Mountaintop Mining Protest

  • One of the organizers of the rally opposing mountaintop removal coal mining scheduled the protest to coincide with the first day of climate talks in Copenhagen. (Photo by Sandra Sleight-Brennan)

World leaders are in Copenhagen,
Denmark where the debate over
what to do about climate change
is getting loud sometimes. But
in West Virginia coal country, the
debate is even louder. Lester
Graham reports:


World leaders are in Copenhagen,
Denmark where the debate over
what to do about climate change
is getting loud sometimes. But
in West Virginia coal country, the
debate is even louder. Lester
Graham reports:

When the West Virginia Coal Association heard about plans for a rally to protest mountaintop removal coal mining, it issued an email. The Associaiton wanted supporters of the coal industry to hold a counter protest to the quote, “liberal enviro-whacko’s rally.”

(sound of protest and truck horns)

The coal mining supporters not only showed up, but they brought in some big trucks, horns blaring to try to disrupt the protest speakers at the rally in front of the offices of West Virginia’s Department of Environmental Quality.

The Coal industry’s message was simple. Coal means jobs. Jobs mean paychecks.

But the protestors against mountaintop removal coal mining say there are more important things.

One of those speakers was Maria Gunnoe. She’s a coal miner’s daughter who’s worked against the environmental damage of blowing off the tops of Appalaichan mountains to get to the coal. The blasted debris has been dumped into valleys, damaging streams and water supplies.

“I challenge you. You think it’s hard to live without a paycheck? Try living with nothing to give your children to drink. Paycheck’s not important when you don’t have water to give your children.”

Maria Gunnoe has been there. She lives in a valley just downhill from a debris fill. She testified against the coal companies in a court case to stop them from dumping debris in streams. Let’s just say she’s not a popular figure among the pro-coal folks.

Bo Webb lives in Coal River Valley. He’s one of the organizers of the rally opposing mountaintop removal coal mining. He scheduled the protest the same day climate talks in Copenhagen started. He’d liked to see the people where he lives get something from those negotiations.

“I’m hoping what comes out of Copenhagen for here would be a message that some of these miners could start understanding and stop manipu- allowing- themselves to be manipulated by a coal industry that’s got one concern, and that’s profits.”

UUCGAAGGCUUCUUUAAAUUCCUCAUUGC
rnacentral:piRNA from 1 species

At the counter-rally, many of the coal mining supporters did not want to talk to news people. One guy who would talk is Gary Finley. He’s from Ohio and sells equipment to the coal mining industry.

“You know, this industry is regulated, heavily regulated, now. It has been since, what, 1977? (Yep.) So, you know, we’re doing everything that’s dictated by law in the mining of coal.”

When asked about the future of coal, Finley hesitated.

“Well, (laughs) right now I’m uncertain. I can tell you what I hope it’ll be. I hope it continues. You know, we’ve got a lot of coal in these mountains. I don’t believe the people in this country realize how important coal is to the economy of the eastern United States, people realize when they go into their homes and turn on their light switch and the electric comes on, if we don’t mine coal, that’s gonna be- it’s done.”

The protest was a lot of passionate speakers, a lot of booing, and a lot of truck horns.

But what irritated the coal mining supporters more than anything seemed to be the idea that outsiders were coming to West Virginia to tell them what to do. And the liberal outsider that aggravated them most was environmentalist Robert Kennedy, Junior. Kennedy calls fossil fuels a deadly addiction that’s wrecking the country, and says mountaintop removal coal mining is destroying communities.

“And, you know, we need to figure out ways to power our country that don’t compromise the aspirations of future generations, don’t compromise their potential for prosperity, for wholesome, dignified communities.”

In the end, nothing was settled in West Virginia, just as nothing will be settled in Copenhagen.

But at the local level and the international level, people are talking about fossil fuels differently. Some see a bright future in renewable, sustainable energy and preserved forested mountains, while others feel their lives and their livelihoods threatened.

For The Environment Report, I’m Lester Graham.